Two of Conan’s episodes are ingrained in my memory. One show he did from a sidewalk on a busy street. He set up a camera and he set up a small desk and chairs, and had his band. He conducted the show as the city went on around him. Why did he do this? No one else had. Sure, there were interview segments, man on the street interviews, going all the way back to Steve Allen. But no one had actually done a show from the street. There were interruptions, loud noises and constant awareness of everything going on, but it showed a real knack for the surreal.
The other show, that more people probably remember, was the 2006 claymation episode where everyone on the show was a claymation animated character, like Mr. Bill. Why would anyone do this? It is expensive and time-consuming to shoot, but it was unique and funny.
In 2009, Leno left The Tonight Show, and Conan took over. It was part of Conan’s recent deal with the network. Unfortunately, ratings and network acceptance were not there for Conan, and they immediately started plans to bring Leno back from prime time to late night. Various ideas were kicked around and eventually Conan was out, and Leno was back. In 2010, Conan ended up at TBS, where he has been ever since, although his show was shortened from an hour to thirty minutes in 2019, and without his band.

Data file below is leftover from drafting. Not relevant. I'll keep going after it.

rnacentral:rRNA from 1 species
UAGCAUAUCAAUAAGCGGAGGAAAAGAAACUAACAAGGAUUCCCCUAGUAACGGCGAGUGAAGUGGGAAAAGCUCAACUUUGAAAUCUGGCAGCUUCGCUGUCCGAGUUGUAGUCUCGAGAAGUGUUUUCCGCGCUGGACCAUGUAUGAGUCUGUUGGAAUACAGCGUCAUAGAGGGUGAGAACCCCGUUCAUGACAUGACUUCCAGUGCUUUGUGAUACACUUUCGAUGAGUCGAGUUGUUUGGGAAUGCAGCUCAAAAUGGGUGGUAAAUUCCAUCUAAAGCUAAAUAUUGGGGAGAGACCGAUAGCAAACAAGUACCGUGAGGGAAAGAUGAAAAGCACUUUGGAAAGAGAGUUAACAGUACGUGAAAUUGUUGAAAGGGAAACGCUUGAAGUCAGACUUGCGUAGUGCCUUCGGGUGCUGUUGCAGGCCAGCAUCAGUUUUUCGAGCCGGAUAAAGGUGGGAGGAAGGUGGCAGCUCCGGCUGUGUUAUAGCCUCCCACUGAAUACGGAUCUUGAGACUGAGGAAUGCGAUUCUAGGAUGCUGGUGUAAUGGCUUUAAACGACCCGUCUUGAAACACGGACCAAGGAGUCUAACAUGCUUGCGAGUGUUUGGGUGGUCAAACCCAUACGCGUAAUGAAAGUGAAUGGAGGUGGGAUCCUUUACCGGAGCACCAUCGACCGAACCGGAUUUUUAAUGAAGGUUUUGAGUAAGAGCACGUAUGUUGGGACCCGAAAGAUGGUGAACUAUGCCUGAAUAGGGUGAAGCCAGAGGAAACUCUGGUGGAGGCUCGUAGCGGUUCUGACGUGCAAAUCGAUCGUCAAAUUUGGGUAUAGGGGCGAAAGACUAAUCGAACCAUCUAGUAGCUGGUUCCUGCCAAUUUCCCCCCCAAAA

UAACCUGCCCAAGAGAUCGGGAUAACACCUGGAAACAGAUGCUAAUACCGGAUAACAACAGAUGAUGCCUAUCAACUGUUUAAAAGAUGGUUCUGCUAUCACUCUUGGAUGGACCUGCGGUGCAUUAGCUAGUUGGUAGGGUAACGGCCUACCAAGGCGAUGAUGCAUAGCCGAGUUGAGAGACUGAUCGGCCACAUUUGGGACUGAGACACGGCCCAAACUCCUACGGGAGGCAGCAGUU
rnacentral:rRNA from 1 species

Leaving NBC, Conan’s lawyers negotiated a $32M exit, while also including his writers and production folks with a nice exit package as well. Small consolation for being treated so shabbily. The Tonight Show is the grand prize for talk show hosts, but to be honest, I never thought that Conan was a good fit. Do not get me wrong, Conan is good enough, but that show is not his style, at least it was not then.
Conan and Tom Snyder had their niches and they were very good at them. Snyder is out there in the universe with his cigarette and colortini, laughing at some irony in life. Conan will continue at TBS for a few more years and keep doing his side gigs. Snyder climbed his mountains and he was good. When Conan scaled the late night talk show mountain, reaching The Tonight Show, it was not all that. A decade later, he is sitting atop a different mountain and enjoying life. Maybe there’s a lesson in there somewhere.